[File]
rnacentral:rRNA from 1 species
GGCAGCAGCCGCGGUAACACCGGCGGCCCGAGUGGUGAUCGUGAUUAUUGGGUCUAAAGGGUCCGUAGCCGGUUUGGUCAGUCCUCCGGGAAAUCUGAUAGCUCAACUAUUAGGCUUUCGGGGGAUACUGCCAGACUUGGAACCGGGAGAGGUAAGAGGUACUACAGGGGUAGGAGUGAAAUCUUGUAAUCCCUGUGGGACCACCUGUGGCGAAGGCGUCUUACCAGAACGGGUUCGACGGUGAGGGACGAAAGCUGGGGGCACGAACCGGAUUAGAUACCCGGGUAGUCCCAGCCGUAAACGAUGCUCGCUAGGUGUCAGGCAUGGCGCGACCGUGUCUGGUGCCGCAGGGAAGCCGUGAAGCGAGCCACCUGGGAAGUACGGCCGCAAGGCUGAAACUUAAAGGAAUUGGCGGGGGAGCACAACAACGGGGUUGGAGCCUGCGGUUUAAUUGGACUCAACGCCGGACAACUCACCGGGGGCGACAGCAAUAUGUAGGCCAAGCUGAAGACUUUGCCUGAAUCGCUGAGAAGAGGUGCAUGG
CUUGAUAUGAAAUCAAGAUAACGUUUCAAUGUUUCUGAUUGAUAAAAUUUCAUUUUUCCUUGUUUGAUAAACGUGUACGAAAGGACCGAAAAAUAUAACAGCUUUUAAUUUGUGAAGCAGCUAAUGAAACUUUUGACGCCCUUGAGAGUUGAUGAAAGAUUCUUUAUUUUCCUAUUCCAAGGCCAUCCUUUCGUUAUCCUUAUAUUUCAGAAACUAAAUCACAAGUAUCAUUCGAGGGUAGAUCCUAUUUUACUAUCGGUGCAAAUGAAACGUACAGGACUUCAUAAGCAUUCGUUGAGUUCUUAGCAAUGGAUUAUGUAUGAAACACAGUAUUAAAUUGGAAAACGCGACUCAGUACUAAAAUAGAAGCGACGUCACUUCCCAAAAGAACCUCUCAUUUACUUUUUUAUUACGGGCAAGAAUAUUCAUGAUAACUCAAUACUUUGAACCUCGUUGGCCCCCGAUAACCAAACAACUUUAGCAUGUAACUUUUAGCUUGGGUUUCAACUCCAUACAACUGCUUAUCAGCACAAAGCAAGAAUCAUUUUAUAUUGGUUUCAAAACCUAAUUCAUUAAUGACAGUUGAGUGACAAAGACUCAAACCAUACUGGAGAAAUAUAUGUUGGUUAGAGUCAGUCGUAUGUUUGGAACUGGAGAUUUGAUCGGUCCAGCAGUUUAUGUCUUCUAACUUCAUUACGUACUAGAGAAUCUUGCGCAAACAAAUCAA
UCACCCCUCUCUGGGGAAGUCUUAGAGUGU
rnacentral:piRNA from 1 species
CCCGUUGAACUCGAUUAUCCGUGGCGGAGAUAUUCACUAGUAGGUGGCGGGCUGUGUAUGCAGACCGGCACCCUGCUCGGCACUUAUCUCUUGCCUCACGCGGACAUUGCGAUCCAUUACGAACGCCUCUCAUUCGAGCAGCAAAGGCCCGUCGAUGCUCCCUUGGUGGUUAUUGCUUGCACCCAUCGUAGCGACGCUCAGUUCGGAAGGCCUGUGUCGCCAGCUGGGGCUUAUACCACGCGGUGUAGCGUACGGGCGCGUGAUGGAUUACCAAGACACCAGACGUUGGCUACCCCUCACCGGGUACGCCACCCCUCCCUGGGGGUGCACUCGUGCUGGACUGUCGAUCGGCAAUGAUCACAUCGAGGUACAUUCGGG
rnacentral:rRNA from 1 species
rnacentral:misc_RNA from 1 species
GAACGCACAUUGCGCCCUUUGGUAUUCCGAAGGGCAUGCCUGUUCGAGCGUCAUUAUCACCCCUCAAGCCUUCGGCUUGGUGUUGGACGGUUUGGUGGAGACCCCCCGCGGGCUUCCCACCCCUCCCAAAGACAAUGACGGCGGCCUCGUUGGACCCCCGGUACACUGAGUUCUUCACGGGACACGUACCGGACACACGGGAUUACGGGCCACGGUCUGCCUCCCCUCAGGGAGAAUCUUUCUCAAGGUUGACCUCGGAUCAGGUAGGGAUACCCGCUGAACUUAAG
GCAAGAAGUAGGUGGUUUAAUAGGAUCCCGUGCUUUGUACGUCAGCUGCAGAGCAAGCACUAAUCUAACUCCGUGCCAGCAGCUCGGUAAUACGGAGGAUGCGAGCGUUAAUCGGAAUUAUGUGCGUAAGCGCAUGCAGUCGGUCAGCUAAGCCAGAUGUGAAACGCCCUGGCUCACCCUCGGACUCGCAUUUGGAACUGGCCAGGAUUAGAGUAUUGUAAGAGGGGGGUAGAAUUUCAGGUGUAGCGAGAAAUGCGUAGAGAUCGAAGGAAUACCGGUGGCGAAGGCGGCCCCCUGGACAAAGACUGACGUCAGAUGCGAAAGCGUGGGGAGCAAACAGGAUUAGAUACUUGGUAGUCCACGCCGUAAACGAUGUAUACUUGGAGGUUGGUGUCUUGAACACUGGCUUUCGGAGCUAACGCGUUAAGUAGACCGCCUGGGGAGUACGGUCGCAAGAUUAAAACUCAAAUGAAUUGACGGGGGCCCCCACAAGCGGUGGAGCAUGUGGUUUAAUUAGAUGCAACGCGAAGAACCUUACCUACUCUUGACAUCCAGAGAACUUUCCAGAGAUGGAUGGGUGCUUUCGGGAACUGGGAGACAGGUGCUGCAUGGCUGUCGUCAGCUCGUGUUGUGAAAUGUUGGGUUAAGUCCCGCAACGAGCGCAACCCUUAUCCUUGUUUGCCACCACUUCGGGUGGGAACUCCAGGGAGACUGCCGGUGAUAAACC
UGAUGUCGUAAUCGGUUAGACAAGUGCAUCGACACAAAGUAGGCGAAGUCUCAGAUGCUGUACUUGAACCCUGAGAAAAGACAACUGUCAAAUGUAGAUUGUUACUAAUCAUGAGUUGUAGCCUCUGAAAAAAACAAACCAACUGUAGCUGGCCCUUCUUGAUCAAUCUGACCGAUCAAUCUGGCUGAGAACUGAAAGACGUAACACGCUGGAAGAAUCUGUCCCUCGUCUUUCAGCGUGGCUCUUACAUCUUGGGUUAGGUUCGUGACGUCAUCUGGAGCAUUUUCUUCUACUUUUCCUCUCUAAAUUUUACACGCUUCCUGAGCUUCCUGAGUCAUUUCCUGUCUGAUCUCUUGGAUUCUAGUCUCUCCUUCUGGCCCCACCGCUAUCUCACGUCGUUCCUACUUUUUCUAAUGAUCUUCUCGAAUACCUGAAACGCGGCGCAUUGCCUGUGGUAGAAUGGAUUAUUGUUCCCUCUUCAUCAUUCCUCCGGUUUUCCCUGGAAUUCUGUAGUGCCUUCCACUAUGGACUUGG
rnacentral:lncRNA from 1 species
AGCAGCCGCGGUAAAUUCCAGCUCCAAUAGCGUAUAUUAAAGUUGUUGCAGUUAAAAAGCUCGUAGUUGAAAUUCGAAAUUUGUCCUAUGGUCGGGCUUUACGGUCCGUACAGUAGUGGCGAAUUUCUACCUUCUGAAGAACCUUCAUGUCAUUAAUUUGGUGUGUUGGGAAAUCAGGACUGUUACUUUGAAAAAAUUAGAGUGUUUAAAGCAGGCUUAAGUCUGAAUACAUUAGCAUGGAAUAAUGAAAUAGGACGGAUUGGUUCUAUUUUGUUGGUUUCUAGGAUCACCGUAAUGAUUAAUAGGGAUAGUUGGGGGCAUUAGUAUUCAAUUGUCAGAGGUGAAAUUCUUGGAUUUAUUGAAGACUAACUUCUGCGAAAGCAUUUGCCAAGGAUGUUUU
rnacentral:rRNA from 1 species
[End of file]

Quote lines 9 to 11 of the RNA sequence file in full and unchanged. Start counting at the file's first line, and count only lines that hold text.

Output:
GAACGCACAUUGCGCCCUUUGGUAUUCCGAAGGGCAUGCCUGUUCGAGCGUCAUUAUCACCCCUCAAGCCUUCGGCUUGGUGUUGGACGGUUUGGUGGAGACCCCCCGCGGGCUUCCCACCCCUCCCAAAGACAAUGACGGCGGCCUCGUUGGACCCCCGGUACACUGAGUUCUUCACGGGACACGUACCGGACACACGGGAUUACGGGCCACGGUCUGCCUCCCCUCAGGGAGAAUCUUUCUCAAGGUUGACCUCGGAUCAGGUAGGGAUACCCGCUGAACUUAAG
GCAAGAAGUAGGUGGUUUAAUAGGAUCCCGUGCUUUGUACGUCAGCUGCAGAGCAAGCACUAAUCUAACUCCGUGCCAGCAGCUCGGUAAUACGGAGGAUGCGAGCGUUAAUCGGAAUUAUGUGCGUAAGCGCAUGCAGUCGGUCAGCUAAGCCAGAUGUGAAACGCCCUGGCUCACCCUCGGACUCGCAUUUGGAACUGGCCAGGAUUAGAGUAUUGUAAGAGGGGGGUAGAAUUUCAGGUGUAGCGAGAAAUGCGUAGAGAUCGAAGGAAUACCGGUGGCGAAGGCGGCCCCCUGGACAAAGACUGACGUCAGAUGCGAAAGCGUGGGGAGCAAACAGGAUUAGAUACUUGGUAGUCCACGCCGUAAACGAUGUAUACUUGGAGGUUGGUGUCUUGAACACUGGCUUUCGGAGCUAACGCGUUAAGUAGACCGCCUGGGGAGUACGGUCGCAAGAUUAAAACUCAAAUGAAUUGACGGGGGCCCCCACAAGCGGUGGAGCAUGUGGUUUAAUUAGAUGCAACGCGAAGAACCUUACCUACUCUUGACAUCCAGAGAACUUUCCAGAGAUGGAUGGGUGCUUUCGGGAACUGGGAGACAGGUGCUGCAUGGCUGUCGUCAGCUCGUGUUGUGAAAUGUUGGGUUAAGUCCCGCAACGAGCGCAACCCUUAUCCUUGUUUGCCACCACUUCGGGUGGGAACUCCAGGGAGACUGCCGGUGAUAAACC
UGAUGUCGUAAUCGGUUAGACAAGUGCAUCGACACAAAGUAGGCGAAGUCUCAGAUGCUGUACUUGAACCCUGAGAAAAGACAACUGUCAAAUGUAGAUUGUUACUAAUCAUGAGUUGUAGCCUCUGAAAAAAACAAACCAACUGUAGCUGGCCCUUCUUGAUCAAUCUGACCGAUCAAUCUGGCUGAGAACUGAAAGACGUAACACGCUGGAAGAAUCUGUCCCUCGUCUUUCAGCGUGGCUCUUACAUCUUGGGUUAGGUUCGUGACGUCAUCUGGAGCAUUUUCUUCUACUUUUCCUCUCUAAAUUUUACACGCUUCCUGAGCUUCCUGAGUCAUUUCCUGUCUGAUCUCUUGGAUUCUAGUCUCUCCUUCUGGCCCCACCGCUAUCUCACGUCGUUCCUACUUUUUCUAAUGAUCUUCUCGAAUACCUGAAACGCGGCGCAUUGCCUGUGGUAGAAUGGAUUAUUGUUCCCUCUUCAUCAUUCCUCCGGUUUUCCCUGGAAUUCUGUAGUGCCUUCCACUAUGGACUUGG